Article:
But to summarise Descartes, illusions show us that often what we perceive is not true to reality, which leads to scepticism about the validity of our perceptions. He also cites the example of hallucinations and dreams, often when we are having a vivid hallucination or dream, we are unaware that what we are seeing is not reality, so how can we be sure that we are not dreaming or hallucinating right now. Finally, he cites the example of an evil deceiver. This is a matrix like scenario, where an all powerful deceiver is controlling all our perceptions, and projecting them into our minds like a film. What we are seeing is qualitatively indistinguishable from reality, so how are we to know that it is not reality?
This is the problem we are faced with about the reliability of our perceptions, do they really show us what is there, in an independent world, or is everything we are seeing just inside our minds?

---------- Post added 03-02-2010 at 07:54 PM ----------

Zetherin;134705 wrote:

In order for us to perceive the object as 10cm, we need relation (if I'm not mistaken - I was just reading an article on perception). But the object would still be 10cm, if it was in fact 10cm, no matter if we perceive it to be or not. There is an objective world which exists no matter how it is perceived.

Agreed, if we take for granted that a mind independent world exists, then an object will continue to be 10cm no matter how it is perceived, but what does this really mean?
I think this is what the post is about... i mean, does saying something is 10cm give us any useful information about its true size?
I don't think so, because even a 10cm object varies to us according to where that 10cm object exists.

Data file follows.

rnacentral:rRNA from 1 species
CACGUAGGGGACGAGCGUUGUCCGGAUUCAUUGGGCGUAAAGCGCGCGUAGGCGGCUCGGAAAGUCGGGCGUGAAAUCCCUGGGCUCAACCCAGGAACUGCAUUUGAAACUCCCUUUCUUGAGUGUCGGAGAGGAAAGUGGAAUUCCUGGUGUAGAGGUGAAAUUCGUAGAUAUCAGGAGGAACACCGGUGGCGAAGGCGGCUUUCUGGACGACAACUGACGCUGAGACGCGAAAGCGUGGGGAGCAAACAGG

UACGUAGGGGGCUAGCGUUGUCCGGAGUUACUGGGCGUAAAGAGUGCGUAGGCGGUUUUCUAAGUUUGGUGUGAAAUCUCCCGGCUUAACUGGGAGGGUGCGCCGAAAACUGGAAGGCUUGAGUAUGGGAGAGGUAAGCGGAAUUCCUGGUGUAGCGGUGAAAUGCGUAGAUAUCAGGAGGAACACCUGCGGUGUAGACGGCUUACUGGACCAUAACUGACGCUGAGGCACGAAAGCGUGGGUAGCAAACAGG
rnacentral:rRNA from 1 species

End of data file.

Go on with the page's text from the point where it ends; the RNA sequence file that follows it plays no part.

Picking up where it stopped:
ughaibu

Tue 2 Mar, 2010 01:55 pm
@Gracee,
Gracee;134707 wrote:
illusions show us that often what we perceive is not true to reality, which leads to scepticism about the validity of our perceptions.
It doesn't lead me to such skepticism, because some As being Bs doesn't imply that all As are Bs. And I would reject your "often".

Zetherin

Tue 2 Mar, 2010 01:57 pm
@Pythagorean,
Gracee wrote:
i mean, does saying something is 10cm give us any useful information about its true size?

Yes, it does. We usually perceive reality accurately. If measurements didn't give us any useful information on true size, how do you suppose things like skyscrapers are built? Do you have any idea how precise some of those measurements must be?

kennethamy

Tue 2 Mar, 2010 02:02 pm
@Gracee,
Gracee;134707 wrote:
You should read the Meditations, i think your view will be slightly different after that...
But to summarise Descartes, illusions show us that often what we perceive is not true to reality, which leads to scepticism about the validity of our perceptions. He also cites the example of hallucinations and dreams, often when we are having a vivid hallucination or dream, we are unaware that what we are seeing is not reality, so how can we be sure that we are not dreaming or hallucinating right now. Finally, he cites the example of an evil deceiver. This is a matrix like scenario, where an all powerful deceiver is controlling all our perceptions, and projecting them into our minds like a film. What we are seeing is qualitatively indistinguishable from reality, so how are we to know that it is not reality?